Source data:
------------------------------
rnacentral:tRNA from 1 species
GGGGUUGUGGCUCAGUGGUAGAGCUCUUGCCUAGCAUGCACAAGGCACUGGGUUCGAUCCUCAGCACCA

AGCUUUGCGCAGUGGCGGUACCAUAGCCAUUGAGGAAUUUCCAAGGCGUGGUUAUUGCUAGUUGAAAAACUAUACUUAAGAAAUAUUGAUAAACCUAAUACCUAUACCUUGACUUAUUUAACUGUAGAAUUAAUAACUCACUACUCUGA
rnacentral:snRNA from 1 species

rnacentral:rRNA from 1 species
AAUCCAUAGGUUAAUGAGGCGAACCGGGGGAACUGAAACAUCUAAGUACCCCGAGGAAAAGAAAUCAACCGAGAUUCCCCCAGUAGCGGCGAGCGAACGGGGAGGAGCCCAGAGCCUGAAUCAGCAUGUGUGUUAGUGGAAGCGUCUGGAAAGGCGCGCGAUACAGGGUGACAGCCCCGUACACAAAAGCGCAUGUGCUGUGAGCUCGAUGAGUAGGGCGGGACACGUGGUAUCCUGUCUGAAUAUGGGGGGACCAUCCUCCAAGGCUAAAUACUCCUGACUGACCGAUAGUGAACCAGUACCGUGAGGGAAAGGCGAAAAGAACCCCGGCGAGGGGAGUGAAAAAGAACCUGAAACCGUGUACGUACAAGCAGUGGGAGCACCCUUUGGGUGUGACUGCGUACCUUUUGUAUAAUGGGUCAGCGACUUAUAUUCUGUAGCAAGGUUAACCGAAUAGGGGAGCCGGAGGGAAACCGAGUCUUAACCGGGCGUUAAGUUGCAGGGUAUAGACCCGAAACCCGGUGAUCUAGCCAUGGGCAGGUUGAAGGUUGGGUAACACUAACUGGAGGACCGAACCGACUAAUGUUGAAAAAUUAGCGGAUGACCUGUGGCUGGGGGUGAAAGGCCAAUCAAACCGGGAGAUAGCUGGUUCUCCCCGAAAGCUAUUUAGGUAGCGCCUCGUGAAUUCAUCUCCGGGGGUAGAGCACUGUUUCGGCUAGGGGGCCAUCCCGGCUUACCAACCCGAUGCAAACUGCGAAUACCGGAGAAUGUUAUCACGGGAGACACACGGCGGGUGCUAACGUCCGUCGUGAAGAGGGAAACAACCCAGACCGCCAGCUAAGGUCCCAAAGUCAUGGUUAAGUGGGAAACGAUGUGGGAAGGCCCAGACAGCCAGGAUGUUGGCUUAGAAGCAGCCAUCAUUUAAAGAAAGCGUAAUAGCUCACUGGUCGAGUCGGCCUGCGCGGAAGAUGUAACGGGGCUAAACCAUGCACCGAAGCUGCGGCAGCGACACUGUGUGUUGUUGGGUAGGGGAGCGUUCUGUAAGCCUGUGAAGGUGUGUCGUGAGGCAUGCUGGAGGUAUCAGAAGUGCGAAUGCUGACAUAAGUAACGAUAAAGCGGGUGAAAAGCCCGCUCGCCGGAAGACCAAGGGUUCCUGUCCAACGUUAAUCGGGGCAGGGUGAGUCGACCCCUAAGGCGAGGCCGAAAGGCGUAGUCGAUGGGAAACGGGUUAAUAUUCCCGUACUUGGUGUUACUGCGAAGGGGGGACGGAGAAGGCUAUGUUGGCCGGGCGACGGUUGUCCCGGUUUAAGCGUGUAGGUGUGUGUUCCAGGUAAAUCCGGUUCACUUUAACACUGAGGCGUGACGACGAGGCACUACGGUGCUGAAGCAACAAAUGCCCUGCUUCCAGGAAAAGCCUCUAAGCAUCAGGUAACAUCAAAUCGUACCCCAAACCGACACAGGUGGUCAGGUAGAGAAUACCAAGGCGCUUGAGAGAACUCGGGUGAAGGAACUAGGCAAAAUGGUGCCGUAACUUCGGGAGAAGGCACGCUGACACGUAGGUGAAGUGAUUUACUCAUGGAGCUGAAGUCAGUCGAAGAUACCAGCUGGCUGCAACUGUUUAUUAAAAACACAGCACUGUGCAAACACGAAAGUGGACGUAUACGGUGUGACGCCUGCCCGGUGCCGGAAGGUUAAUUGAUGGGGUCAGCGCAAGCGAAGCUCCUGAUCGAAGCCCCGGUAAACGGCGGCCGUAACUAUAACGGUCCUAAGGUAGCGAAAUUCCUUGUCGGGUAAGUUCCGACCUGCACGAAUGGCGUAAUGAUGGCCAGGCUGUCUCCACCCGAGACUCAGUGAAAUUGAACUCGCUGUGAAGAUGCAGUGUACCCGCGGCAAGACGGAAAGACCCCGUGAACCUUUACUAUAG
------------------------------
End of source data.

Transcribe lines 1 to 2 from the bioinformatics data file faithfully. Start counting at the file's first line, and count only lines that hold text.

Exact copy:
rnacentral:tRNA from 1 species
GGGGUUGUGGCUCAGUGGUAGAGCUCUUGCCUAGCAUGCACAAGGCACUGGGUUCGAUCCUCAGCACCA